Repair California, the group formed with the goal of convening a state constitutional convention, Wednesday accused signature-gathering firms of engaging in dirty tricks and intimidation against the group’s campaign to collect petition signatures for the ballot measures it needs to convene its proposed convention.
The group’s attorneys say established signature gathering firms have “blacklisted” Repair California, presumably because they fear that a constitutional convention could impose limits on the state’s referendum process.
“Here lies the dark underbelly of California’s political control,” Repair California campaign director John Grubb said in a news release. “It’s a very bad sign for our democracy that reminds one more of 'Caligula’ than 'Mr. Smith Goes to Washington.’ ”
Repair California’s is trying to place a pair of measures on the ballot to convene the state’s first constitutional convention since the 1800s, saying the convention is needed to reform a broken system of governance.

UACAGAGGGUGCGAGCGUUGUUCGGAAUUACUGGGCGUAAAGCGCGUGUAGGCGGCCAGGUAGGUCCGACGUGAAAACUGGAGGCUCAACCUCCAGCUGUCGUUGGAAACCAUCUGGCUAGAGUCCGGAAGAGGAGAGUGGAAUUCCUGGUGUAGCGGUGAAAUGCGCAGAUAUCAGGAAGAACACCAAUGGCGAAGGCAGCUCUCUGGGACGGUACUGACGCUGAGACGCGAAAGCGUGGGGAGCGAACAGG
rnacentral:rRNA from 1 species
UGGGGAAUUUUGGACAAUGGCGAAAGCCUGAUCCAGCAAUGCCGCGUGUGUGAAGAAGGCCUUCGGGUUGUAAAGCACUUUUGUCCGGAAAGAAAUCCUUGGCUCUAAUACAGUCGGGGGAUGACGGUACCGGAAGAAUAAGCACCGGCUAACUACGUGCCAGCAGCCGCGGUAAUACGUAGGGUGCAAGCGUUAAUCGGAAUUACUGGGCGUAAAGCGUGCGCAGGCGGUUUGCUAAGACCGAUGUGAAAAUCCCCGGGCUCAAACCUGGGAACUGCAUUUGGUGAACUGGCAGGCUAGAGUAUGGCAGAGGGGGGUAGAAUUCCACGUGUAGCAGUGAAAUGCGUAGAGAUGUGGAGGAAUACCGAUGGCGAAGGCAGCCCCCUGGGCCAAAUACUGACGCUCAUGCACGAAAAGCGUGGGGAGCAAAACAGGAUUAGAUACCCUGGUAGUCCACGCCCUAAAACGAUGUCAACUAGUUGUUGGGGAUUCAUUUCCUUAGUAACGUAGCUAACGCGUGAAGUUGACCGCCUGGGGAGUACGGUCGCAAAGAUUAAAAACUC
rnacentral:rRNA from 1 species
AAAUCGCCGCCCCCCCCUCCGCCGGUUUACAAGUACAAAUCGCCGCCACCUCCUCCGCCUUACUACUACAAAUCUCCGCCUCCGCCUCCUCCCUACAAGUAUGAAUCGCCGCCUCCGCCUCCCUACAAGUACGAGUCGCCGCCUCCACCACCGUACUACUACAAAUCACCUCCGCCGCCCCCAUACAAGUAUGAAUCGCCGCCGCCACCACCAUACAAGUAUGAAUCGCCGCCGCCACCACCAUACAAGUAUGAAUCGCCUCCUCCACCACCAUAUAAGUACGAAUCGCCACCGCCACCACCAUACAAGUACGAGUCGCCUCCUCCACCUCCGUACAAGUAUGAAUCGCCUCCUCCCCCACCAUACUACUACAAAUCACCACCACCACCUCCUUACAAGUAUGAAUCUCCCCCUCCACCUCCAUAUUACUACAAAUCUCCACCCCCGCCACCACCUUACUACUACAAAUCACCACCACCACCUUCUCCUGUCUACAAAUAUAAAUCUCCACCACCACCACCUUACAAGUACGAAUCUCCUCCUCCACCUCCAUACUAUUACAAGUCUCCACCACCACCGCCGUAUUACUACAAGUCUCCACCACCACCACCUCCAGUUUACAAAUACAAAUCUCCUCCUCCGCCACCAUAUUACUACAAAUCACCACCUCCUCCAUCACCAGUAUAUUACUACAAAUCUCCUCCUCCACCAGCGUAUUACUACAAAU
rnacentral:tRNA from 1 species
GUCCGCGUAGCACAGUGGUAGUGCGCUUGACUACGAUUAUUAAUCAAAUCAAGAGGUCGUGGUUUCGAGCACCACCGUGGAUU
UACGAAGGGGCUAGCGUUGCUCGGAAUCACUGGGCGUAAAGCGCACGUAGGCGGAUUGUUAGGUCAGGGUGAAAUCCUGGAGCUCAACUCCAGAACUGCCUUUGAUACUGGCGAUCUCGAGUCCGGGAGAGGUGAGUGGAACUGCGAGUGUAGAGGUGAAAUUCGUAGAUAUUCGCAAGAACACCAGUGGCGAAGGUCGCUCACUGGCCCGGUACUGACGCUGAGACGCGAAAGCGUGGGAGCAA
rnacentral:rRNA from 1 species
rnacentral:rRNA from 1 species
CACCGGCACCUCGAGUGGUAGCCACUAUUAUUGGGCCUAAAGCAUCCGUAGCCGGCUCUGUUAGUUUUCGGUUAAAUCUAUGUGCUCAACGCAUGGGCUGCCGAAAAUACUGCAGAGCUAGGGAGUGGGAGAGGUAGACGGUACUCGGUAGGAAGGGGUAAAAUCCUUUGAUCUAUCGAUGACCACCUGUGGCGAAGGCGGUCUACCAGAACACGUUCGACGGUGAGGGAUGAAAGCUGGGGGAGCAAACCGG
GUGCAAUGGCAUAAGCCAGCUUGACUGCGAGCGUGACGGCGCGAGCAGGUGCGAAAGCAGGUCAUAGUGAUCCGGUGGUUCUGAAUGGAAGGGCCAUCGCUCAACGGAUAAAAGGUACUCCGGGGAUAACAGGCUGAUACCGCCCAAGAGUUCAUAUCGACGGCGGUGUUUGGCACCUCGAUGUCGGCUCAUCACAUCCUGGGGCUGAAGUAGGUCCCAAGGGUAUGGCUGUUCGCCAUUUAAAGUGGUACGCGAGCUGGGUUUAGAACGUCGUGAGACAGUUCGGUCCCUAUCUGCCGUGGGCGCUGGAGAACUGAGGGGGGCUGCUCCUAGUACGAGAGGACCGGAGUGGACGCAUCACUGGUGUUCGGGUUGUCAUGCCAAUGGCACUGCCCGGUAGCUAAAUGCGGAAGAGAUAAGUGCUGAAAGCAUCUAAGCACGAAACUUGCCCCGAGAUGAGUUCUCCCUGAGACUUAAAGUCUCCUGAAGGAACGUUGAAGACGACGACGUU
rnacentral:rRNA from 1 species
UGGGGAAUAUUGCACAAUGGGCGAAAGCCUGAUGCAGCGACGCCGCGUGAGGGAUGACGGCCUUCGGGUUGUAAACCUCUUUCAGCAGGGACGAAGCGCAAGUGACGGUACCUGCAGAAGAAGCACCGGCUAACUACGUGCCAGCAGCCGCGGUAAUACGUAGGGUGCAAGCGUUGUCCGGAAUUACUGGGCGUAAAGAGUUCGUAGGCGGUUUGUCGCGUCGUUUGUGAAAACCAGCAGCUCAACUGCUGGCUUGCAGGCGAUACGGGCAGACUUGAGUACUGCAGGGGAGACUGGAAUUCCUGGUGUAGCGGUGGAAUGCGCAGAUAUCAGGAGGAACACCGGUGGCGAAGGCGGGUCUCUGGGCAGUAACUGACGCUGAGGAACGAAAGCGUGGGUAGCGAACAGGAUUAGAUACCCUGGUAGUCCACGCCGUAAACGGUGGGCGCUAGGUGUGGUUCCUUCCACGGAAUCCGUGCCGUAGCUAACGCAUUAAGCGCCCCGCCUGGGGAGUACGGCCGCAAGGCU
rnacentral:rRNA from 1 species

If they succeed in getting the measures on the November ballot, voters will be asked to convene a convention during 2011 that would propose reforms to be put before voters in 2012.
According to recent campaign finance filings with the secretary of state, Repair California raised a little more than $350,000 during 2009; that’s nowhere near enough for a paid signature gathering campaign, even at normal rates.
Repair California needs to gather signatures from 694,354 registered voters for one of its measures, a constitutional amendment that would allow a convention to be called through a ballot measure, and 433,971 signatures for its companion measure, which would actually call the convention.